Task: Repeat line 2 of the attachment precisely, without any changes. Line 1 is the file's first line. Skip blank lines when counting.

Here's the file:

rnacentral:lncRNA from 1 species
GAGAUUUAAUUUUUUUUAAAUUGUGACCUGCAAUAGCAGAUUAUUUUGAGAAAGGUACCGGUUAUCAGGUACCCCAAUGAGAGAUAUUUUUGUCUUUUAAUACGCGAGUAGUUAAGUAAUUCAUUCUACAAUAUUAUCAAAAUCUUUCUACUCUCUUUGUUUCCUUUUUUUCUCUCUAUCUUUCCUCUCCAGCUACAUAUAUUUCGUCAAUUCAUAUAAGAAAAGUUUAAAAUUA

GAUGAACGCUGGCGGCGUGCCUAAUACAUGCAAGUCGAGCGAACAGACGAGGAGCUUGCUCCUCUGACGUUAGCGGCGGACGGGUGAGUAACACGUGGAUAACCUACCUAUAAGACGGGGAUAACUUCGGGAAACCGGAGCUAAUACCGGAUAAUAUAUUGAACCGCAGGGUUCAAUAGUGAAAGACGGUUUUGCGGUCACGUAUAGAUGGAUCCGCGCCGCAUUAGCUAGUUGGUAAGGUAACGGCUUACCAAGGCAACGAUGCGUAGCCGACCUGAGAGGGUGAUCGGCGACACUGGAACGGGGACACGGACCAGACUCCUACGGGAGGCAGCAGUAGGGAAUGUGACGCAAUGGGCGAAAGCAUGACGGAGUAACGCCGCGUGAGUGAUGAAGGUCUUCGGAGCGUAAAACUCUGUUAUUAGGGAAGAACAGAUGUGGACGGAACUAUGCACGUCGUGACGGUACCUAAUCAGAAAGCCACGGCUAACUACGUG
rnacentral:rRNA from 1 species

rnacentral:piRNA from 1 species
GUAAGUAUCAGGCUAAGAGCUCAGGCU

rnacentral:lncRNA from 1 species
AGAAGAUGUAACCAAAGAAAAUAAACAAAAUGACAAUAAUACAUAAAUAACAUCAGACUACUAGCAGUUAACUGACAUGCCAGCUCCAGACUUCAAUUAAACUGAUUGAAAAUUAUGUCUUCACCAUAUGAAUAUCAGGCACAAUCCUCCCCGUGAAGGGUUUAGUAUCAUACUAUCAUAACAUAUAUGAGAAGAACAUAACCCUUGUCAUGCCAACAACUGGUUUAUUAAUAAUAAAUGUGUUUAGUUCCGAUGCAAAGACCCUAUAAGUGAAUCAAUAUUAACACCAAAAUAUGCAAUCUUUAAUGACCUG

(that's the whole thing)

GAGAUUUAAUUUUUUUUAAAUUGUGACCUGCAAUAGCAGAUUAUUUUGAGAAAGGUACCGGUUAUCAGGUACCCCAAUGAGAGAUAUUUUUGUCUUUUAAUACGCGAGUAGUUAAGUAAUUCAUUCUACAAUAUUAUCAAAAUCUUUCUACUCUCUUUGUUUCCUUUUUUUCUCUCUAUCUUUCCUCUCCAGCUACAUAUAUUUCGUCAAUUCAUAUAAGAAAAGUUUAAAAUUA